some years, then absolute levels of allocation will actually increase. So, therefore, will emissions. The Parliamentary
Commissioner for the Environment rightly advises that a cap is vital to create the right incentives, to reduce fiscal
risk, and to create policy certainty for business. The intensity-based nature of the allocation model does not support
emissions reductions appropriately, as it does not provide the incentive of the full emissions price at the margin.
The level and duration of allocation is overly generous and too slow. Both the Parliamentary Commissioner for the
Environment and the Finance and Expenditure Committee’s independent expert, Dr Suzi Kerr, say this. The phase-out rate
of 1.3% per year for at least 80 years defies any commonsense notion of a ‘transition’. And as with any protection or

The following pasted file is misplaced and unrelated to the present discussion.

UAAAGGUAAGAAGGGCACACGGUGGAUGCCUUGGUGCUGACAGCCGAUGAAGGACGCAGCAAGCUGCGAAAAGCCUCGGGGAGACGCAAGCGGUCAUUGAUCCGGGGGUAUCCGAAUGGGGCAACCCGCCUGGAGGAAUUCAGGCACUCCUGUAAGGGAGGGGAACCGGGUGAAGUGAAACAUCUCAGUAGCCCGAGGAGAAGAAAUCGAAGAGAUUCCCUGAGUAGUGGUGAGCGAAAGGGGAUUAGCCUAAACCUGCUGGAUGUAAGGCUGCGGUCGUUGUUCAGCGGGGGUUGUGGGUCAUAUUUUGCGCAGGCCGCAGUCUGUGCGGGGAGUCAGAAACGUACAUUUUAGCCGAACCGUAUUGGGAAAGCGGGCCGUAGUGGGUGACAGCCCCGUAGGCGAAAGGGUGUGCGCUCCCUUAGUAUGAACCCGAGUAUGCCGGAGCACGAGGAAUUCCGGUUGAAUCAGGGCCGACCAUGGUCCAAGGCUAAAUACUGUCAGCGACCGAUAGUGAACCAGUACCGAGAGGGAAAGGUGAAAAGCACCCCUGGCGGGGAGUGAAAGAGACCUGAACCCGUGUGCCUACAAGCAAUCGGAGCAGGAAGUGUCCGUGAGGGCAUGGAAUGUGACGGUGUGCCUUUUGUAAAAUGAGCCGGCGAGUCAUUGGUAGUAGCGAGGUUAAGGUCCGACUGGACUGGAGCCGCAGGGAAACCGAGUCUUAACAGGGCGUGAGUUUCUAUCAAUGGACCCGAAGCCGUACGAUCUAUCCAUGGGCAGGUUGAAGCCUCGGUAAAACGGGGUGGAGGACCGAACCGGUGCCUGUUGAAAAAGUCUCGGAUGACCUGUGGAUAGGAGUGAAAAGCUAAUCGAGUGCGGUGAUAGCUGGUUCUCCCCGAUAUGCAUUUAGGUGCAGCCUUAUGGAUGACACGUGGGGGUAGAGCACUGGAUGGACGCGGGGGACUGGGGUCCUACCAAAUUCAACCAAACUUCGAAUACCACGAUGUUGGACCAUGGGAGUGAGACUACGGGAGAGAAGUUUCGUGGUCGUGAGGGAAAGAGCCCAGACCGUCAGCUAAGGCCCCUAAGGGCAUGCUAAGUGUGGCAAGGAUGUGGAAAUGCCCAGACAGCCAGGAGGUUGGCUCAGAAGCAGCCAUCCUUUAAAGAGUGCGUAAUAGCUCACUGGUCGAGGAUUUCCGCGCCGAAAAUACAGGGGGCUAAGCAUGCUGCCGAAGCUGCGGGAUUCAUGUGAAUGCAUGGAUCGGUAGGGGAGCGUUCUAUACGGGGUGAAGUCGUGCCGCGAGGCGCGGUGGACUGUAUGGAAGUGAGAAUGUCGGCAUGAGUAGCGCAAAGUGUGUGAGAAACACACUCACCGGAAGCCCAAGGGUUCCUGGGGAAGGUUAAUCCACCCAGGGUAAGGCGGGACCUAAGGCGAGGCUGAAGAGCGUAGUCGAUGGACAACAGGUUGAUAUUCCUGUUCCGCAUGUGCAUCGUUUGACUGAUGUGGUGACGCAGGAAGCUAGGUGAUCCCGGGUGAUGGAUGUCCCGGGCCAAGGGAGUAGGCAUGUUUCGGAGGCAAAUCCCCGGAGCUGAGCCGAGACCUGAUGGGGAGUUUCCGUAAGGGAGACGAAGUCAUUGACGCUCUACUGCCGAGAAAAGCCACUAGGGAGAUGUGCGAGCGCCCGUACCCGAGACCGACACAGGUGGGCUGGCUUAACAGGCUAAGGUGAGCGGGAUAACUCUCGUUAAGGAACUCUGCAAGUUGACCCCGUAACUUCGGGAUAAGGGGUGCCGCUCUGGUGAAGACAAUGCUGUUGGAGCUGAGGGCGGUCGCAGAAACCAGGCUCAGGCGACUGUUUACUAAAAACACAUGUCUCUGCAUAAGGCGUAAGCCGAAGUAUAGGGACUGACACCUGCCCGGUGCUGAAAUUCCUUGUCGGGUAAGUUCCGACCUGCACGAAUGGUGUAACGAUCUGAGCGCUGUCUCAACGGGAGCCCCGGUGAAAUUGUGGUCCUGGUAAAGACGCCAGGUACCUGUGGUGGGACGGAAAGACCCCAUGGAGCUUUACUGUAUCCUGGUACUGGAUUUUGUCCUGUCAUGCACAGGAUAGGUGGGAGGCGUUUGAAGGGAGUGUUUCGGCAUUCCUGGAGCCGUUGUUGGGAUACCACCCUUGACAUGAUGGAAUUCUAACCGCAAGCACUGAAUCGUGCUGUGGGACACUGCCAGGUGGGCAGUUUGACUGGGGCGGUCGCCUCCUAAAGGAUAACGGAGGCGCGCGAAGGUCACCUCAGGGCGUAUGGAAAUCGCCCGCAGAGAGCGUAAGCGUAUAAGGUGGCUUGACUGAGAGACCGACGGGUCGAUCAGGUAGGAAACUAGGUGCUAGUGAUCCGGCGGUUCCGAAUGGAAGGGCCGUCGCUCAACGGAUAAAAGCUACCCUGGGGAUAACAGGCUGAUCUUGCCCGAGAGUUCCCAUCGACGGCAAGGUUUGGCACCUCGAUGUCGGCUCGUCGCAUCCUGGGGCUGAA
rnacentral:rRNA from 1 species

subsidy, future governments will find it very difficult to reduce previously promised levels of protection.
Allocation is costly – both fiscally and to the economy as a whole. Every carbon credit given away by the Government,
rather than kept or sold, is a real cost to the taxpayer. This is because it enables polluters to pollute freely, while
the cost of such emissions still needs to be picked up by the taxpayer in accordance with our international obligations.
Treasury now estimates the overall fiscal cost of allocation to amount to $110 billion by 2050. And this could
potentially increase dramatically, depending on the level of production chosen by allocation recipients, and the
international carbon price. It is, however, unlikely to decrease.
The Bill also makes it difficult to alter levels of allocation, with additional 5 yearly delays following any changes
recommended in 5 yearly reviews. If levels of allocation are no longer appropriate, they should be altered promptly. It
is unfair to the taxpayer to do otherwise. Indeed, the Institute of Policy Studies sums it up. The bill is “designed